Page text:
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Electron binding energy

  1. Jan 17, 2006 #1
    I am looking for the information on the electron binding energy for the multi-electron atoms. Well, it is easy to find ionization energy, i. e. the binding energy of the last electron in the atom. But I need the energy which is necessary to separate all atomic electrons from the nucleus.

    Could anybody give me a reference or internet link on the subject? The information on the exited atomic states would be also useful (i.e. the binding energy of the first excited state for the Li3 atom).

    Thank you very much!
  2. jcsd
  3. Jan 17, 2006 #2
  4. Jan 17, 2006 #3
    Dear inha,

    Thank you very much for your reply and for the reference to XDB. But as far as I understand, this booklet provides binding energies relative to the vacuum level for the rare gases, relative to the Fermi level for the metals, and relative to the top of the valence bands for semiconductors.

    Well, but I would prefer to find the binding energy relative to the state of fully ionised nucleus :confused:. I am not sure if this information exists in the Web or elsewere. Probably, I've got something wrong...
  5. Jan 17, 2006 #4
    One can do total-energy calculations of atoms and molecules (Density Functional Theory). From the differences, one can compute ionization energies and excitation energies.
  6. Jan 28, 2006 #5
    I use the tables in The Elements by John Emsley.
    But I hit the problem of not being able to determine which isotope of each element is used as the standard isotope for the data given on each element. The relative atomic mass given with the heading (for each element) cannot always be matched with one of the atomic mass numbers given for each isotope.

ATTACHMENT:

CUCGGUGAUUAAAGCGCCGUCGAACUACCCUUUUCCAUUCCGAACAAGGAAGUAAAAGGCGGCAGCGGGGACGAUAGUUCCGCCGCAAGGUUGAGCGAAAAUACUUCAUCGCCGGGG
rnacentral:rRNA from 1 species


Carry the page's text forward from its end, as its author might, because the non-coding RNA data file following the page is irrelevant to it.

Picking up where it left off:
You will have the same problem matching the Binding energies to a particular isotope.
    The energy required to remove the outer ten electrons is listed in one table and the energy required to remove an electron from each shell and sub-shell is listed separately in different units, a conversion factor is given in the intro.
    Emsley gives the imformation source, but I find the books and papers referred to, are not available on loan from the British Library (London reference section only) and are general to expensive to purchase even when available. To put it bluntly in the UK one has to be either an academic at a top quality university, live in London, or be moderately wealthy; in order to have reasonable access to the sort of material needed for basic research.
    Lately, I have noticed that even academics are now (writing to the press) complaining about the difficulty of getting imformation at an affordable price. The internet has allowed publishers to become large scale sellers of copyright imformation at prices far in excess of what they were in pre-internet days.
    If you find a good source please let me know.
    Last edited: Jan 28, 2006
  7. Jan 28, 2006 #6


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  8. Jan 29, 2006 #7

    Thanks for your reply. Rules do not allow me to go into details of my project (no complaint about that). What I need is the atomic radius for each isotope and ion. So far I have only found two (rarely three) radii for isotopes of about half of the elements, none for different ions; and that is insufficient for my needs.
    I also note that most of the imformation comes from 'chemistry' books and forums which leads me to ask am I on the wrong forum?
  9. Jan 29, 2006 #8


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    Atomic radii for all elements can be got from Webelements. Ionic radii for the most common oxidation states can be looked up in the Shannon-Prewitt tables. Finding all the radii (from unionized to completely ionized) will be hard. It's possible that NIST has such data, which I'd guess, is more likely theoretical (or at best semi-empirical) calculations than experimental data.

    It's between here and there. Chemists are not interested in anything beyond the first few ionization (maybe just past the natural oxidation state) energies. And they are rarely interested in the ionic radii of free ions (like in a plasma).
  10. Jan 30, 2006 #9

    Emsley gives the atomic radii for most elements. There is considerable difference between Emsley and the figures given on some (university) websites; but I find Emsley to be the one that produces usable results.

    Discovered NIST after sending last reply, there is a formula in one paper that I hope to read today. (only 'hobby' time can be spent on project).

    The note on chemists clarifies that point at last.

    Will check out Shannon-Prewitt tables.

    Altogether a most helpful reply, many thanks,

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